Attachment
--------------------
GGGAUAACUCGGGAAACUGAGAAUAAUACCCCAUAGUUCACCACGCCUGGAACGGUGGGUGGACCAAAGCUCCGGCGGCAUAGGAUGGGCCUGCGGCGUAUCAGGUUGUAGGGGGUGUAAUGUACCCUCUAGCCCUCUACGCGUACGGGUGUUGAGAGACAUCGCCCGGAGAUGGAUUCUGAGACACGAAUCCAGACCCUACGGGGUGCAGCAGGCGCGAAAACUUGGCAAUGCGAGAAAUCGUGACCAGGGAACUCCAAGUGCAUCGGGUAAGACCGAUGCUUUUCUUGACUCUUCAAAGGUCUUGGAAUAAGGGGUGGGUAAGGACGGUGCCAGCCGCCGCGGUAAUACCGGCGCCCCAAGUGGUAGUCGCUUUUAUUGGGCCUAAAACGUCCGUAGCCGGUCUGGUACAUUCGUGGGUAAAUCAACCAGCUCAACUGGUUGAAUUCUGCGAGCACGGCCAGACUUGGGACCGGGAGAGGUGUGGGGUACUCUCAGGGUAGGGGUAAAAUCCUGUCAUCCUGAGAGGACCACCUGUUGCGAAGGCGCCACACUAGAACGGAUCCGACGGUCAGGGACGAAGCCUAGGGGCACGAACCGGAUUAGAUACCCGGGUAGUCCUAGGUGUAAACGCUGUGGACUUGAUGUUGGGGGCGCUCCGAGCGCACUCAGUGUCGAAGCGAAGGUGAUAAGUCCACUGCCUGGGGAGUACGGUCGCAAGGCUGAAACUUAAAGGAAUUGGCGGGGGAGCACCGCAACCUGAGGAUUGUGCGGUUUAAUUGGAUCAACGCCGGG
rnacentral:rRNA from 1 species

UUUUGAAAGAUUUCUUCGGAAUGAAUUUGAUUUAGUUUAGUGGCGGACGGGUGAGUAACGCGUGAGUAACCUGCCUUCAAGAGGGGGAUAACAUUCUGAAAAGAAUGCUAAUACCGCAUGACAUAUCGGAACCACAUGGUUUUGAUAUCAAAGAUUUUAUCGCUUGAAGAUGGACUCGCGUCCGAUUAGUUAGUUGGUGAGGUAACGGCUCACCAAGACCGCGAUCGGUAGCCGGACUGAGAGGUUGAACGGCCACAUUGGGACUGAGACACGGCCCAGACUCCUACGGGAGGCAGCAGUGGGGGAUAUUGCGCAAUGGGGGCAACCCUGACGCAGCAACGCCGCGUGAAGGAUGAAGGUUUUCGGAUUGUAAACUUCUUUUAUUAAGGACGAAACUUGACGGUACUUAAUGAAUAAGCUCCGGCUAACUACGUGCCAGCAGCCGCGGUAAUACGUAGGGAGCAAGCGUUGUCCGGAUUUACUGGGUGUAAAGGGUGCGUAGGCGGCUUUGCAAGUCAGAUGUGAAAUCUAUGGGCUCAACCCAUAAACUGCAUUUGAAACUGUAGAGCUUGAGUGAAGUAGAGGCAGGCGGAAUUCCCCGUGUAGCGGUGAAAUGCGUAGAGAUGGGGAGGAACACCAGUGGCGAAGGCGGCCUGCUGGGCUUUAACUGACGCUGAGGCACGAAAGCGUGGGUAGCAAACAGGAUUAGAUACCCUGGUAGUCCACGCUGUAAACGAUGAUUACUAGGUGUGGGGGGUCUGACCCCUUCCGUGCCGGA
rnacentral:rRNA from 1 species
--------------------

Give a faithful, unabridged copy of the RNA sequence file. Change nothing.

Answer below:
GGGAUAACUCGGGAAACUGAGAAUAAUACCCCAUAGUUCACCACGCCUGGAACGGUGGGUGGACCAAAGCUCCGGCGGCAUAGGAUGGGCCUGCGGCGUAUCAGGUUGUAGGGGGUGUAAUGUACCCUCUAGCCCUCUACGCGUACGGGUGUUGAGAGACAUCGCCCGGAGAUGGAUUCUGAGACACGAAUCCAGACCCUACGGGGUGCAGCAGGCGCGAAAACUUGGCAAUGCGAGAAAUCGUGACCAGGGAACUCCAAGUGCAUCGGGUAAGACCGAUGCUUUUCUUGACUCUUCAAAGGUCUUGGAAUAAGGGGUGGGUAAGGACGGUGCCAGCCGCCGCGGUAAUACCGGCGCCCCAAGUGGUAGUCGCUUUUAUUGGGCCUAAAACGUCCGUAGCCGGUCUGGUACAUUCGUGGGUAAAUCAACCAGCUCAACUGGUUGAAUUCUGCGAGCACGGCCAGACUUGGGACCGGGAGAGGUGUGGGGUACUCUCAGGGUAGGGGUAAAAUCCUGUCAUCCUGAGAGGACCACCUGUUGCGAAGGCGCCACACUAGAACGGAUCCGACGGUCAGGGACGAAGCCUAGGGGCACGAACCGGAUUAGAUACCCGGGUAGUCCUAGGUGUAAACGCUGUGGACUUGAUGUUGGGGGCGCUCCGAGCGCACUCAGUGUCGAAGCGAAGGUGAUAAGUCCACUGCCUGGGGAGUACGGUCGCAAGGCUGAAACUUAAAGGAAUUGGCGGGGGAGCACCGCAACCUGAGGAUUGUGCGGUUUAAUUGGAUCAACGCCGGG
rnacentral:rRNA from 1 species

UUUUGAAAGAUUUCUUCGGAAUGAAUUUGAUUUAGUUUAGUGGCGGACGGGUGAGUAACGCGUGAGUAACCUGCCUUCAAGAGGGGGAUAACAUUCUGAAAAGAAUGCUAAUACCGCAUGACAUAUCGGAACCACAUGGUUUUGAUAUCAAAGAUUUUAUCGCUUGAAGAUGGACUCGCGUCCGAUUAGUUAGUUGGUGAGGUAACGGCUCACCAAGACCGCGAUCGGUAGCCGGACUGAGAGGUUGAACGGCCACAUUGGGACUGAGACACGGCCCAGACUCCUACGGGAGGCAGCAGUGGGGGAUAUUGCGCAAUGGGGGCAACCCUGACGCAGCAACGCCGCGUGAAGGAUGAAGGUUUUCGGAUUGUAAACUUCUUUUAUUAAGGACGAAACUUGACGGUACUUAAUGAAUAAGCUCCGGCUAACUACGUGCCAGCAGCCGCGGUAAUACGUAGGGAGCAAGCGUUGUCCGGAUUUACUGGGUGUAAAGGGUGCGUAGGCGGCUUUGCAAGUCAGAUGUGAAAUCUAUGGGCUCAACCCAUAAACUGCAUUUGAAACUGUAGAGCUUGAGUGAAGUAGAGGCAGGCGGAAUUCCCCGUGUAGCGGUGAAAUGCGUAGAGAUGGGGAGGAACACCAGUGGCGAAGGCGGCCUGCUGGGCUUUAACUGACGCUGAGGCACGAAAGCGUGGGUAGCAAACAGGAUUAGAUACCCUGGUAGUCCACGCUGUAAACGAUGAUUACUAGGUGUGGGGGGUCUGACCCCUUCCGUGCCGGA
rnacentral:rRNA from 1 species